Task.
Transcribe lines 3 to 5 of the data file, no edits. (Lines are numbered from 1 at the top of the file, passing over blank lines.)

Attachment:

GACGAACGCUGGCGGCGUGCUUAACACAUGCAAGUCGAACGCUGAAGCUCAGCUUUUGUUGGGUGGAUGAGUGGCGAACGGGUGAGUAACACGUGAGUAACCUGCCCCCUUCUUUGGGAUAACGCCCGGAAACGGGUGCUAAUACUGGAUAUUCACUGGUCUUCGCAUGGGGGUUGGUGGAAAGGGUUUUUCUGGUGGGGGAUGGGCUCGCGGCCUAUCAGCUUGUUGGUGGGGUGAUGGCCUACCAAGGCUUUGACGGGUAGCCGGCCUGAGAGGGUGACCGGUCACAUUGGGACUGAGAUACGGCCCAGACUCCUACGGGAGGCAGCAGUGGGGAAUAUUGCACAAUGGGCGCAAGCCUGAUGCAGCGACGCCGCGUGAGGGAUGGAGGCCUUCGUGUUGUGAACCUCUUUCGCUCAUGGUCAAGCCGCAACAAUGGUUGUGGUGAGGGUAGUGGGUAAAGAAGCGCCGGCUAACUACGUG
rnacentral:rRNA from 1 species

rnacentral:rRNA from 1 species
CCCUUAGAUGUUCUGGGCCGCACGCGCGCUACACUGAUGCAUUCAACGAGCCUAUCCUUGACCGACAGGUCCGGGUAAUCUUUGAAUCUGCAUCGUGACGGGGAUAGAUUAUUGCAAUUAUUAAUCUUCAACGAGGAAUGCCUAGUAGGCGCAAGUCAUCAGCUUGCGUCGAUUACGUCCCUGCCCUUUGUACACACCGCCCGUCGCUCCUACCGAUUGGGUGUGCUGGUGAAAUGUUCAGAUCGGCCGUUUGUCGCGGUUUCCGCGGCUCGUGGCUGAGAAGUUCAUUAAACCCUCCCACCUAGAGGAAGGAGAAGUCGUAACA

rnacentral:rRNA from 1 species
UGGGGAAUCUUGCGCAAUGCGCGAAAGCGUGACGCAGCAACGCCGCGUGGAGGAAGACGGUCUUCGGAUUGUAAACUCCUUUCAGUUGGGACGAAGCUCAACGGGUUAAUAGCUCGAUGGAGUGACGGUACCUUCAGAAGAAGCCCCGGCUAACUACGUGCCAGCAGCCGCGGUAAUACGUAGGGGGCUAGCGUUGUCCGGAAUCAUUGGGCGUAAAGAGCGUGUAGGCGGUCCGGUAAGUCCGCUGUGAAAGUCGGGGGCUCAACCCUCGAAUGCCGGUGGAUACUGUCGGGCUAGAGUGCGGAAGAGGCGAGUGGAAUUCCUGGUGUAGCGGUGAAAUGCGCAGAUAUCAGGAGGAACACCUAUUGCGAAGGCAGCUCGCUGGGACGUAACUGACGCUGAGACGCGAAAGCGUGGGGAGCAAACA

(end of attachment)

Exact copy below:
rnacentral:rRNA from 1 species
CCCUUAGAUGUUCUGGGCCGCACGCGCGCUACACUGAUGCAUUCAACGAGCCUAUCCUUGACCGACAGGUCCGGGUAAUCUUUGAAUCUGCAUCGUGACGGGGAUAGAUUAUUGCAAUUAUUAAUCUUCAACGAGGAAUGCCUAGUAGGCGCAAGUCAUCAGCUUGCGUCGAUUACGUCCCUGCCCUUUGUACACACCGCCCGUCGCUCCUACCGAUUGGGUGUGCUGGUGAAAUGUUCAGAUCGGCCGUUUGUCGCGGUUUCCGCGGCUCGUGGCUGAGAAGUUCAUUAAACCCUCCCACCUAGAGGAAGGAGAAGUCGUAACA

rnacentral:rRNA from 1 species